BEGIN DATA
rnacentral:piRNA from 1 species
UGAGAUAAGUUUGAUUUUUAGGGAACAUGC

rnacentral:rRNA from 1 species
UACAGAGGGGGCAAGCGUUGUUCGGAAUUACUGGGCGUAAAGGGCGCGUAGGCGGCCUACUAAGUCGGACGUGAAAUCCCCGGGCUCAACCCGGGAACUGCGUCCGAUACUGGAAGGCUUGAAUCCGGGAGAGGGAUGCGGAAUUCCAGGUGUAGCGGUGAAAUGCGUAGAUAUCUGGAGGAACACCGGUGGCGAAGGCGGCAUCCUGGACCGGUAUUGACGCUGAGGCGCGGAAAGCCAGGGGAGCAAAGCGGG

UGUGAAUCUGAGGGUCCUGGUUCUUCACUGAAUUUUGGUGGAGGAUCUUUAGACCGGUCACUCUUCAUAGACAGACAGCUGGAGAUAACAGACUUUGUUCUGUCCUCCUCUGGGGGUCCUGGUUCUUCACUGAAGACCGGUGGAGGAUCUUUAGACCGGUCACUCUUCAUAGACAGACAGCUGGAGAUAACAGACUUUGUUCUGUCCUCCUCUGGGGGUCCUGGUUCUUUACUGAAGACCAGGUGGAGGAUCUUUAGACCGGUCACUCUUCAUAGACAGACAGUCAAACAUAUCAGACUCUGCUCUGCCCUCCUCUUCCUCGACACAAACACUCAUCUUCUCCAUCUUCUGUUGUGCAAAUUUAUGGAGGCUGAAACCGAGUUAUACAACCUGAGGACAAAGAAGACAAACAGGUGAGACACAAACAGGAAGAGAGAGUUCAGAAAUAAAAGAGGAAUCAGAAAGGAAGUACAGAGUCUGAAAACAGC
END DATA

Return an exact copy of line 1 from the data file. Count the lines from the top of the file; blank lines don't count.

rnacentral:piRNA from 1 species